Baseball in Colorado either counts, or it doesn’t. Make up your minds MLB and BBWAA.
Breaking 100-year-old records, setting near unprecedented clutch rates, and generally excelling — even if it happens at altitude — is real… or stop accepting the absolutely legitimate cash from the denizens of Denver.
You can decide it isn’t real. That’s fine. There’s some data out there that, while heavily contested, will support your claim. But if Colorado is the only place one goes seeking that data, if we are deciding that Rockies players have to achieve practically super-human feats to be rewarded — if we are codifying into popular consensus the notion that baseball in this environment is fundamentally different than everywhere else — take away the team. No more Coors Field. No more Rockies.
But … fair is fair. So some other things will need to go.
Start with the Crawford Boxes in Houston and the short porch at Yankee Stadium in New York. I guess that means we have to rule out Jose Altuve and Aaron Judge as well. Man, baseball is getting less awesome by the second. Chase Field, which was set to implement a humidor but decided midseason not to, also has to go.
You need to not count four of the home runs from the best game in years, ‘The Slugfest’ in Houston. If cheap offense isn’t to be rewarded, there are 14 places in front of Denver that should have their player’s numbers more heavily scrutinized. In fact, there are 14 ballparks that give up more weak home runs than Coors Field that will all need to be modified.
Was the expansion of a beautiful game to the Mile High City a legitimate endeavor to grow the game or just a cash grab in a reliable new market? The latter is absurd and unlikely. Either way, it is in MLB’s best interest, both financially and in terms of its own integrity, to encourage a deeper look at Colorado Rockies baseball. Few franchises in all of professional sports are treated with such disrespect — such floating logic — as is the Denver baseball club. For proof of this, you needn’t look farther than the way Larry Walker has been treated by Hall-of-Fame voters. You can look farther to see a couple of missed MVPs for Todd Helton and Matt Holliday, but it doesn’t take much research to find an easily recognizable pattern whereby sportswriters — national and local — who find every excuse to laugh this franchise off as a joke at each turn.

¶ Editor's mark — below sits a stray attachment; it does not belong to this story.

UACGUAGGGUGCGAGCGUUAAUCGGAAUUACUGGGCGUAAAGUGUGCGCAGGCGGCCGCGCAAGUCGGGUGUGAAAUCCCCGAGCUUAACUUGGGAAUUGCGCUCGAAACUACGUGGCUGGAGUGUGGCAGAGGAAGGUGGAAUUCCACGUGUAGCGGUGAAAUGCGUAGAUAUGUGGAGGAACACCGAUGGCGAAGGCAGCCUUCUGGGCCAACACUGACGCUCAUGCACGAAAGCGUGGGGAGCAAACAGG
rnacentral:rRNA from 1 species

Again, it’s not difficult to see why this might be. For most of their existence, the Rockies have not been a successful franchise. Setting aside how remarkably common that is for MLB teams in their first 20 years, it’s more than understandable that fans would be reticent to trust and even at times celebrate their own team. But those are the fans.
People who are paid to watch and research baseball shouldn’t be afforded the excuses of “but that team stinks so I don’t have to pay attention” or “they come on at a weird time, and I just skip over to the West Coast games.” If you’re willing to go on national television or radio and state a case against Rockies players because of where they play, at least do a little bit of research first.
Look… you can reach the conclusion that baseball in Colorado counts, have a fair understanding of a proper balancing of park factors, and still not believe either Charlie Blackmon or Nolan Arenado deserve an MVP nomination. While I doubt that such consideration was put into to this, or any other, year’s award process, it is still a reasonable position to potentially hold.
But you cannot do all of those things and then arrive at the conclusion neither Kyle Freeland of German Marquez belong outside the Top 3 for National League Rookie of the Year. Both fWAR and rWAR agree that Freeland and Marquez were among the top three rookies along with Cody Bellinger of the Los Angeles Dodgers. And that logic agrees with how the metrics treat Arenado and Blackmon. We’ll leave making their specifics cases for another time, though Arenado’s is just a better version of that from a year ago. Of course, a year ago, the primary argument against Arenado was his team’s lack of success. The ludicrous leaps in logic continue as Joey Votto and Giancarlo Stanton receive nominations this year on mediocre (at best) squads.
What all of this amounts to is, if you are being consistent about effects, there is no way to subtract enough park value from Arenado and Blackmon (and Walker and Helton and Holliday) to keep them out of the MVP nominations without adding it to the other side and giving the rookie pitchers their due.
Instead, the BBWAA gave a backhanded compliment the cute little baseball team all the way up in the mountains, recognizing Bud Black, I guess for pulling a team with no true MVP, Cy Young, or ROY candidates into the postseason.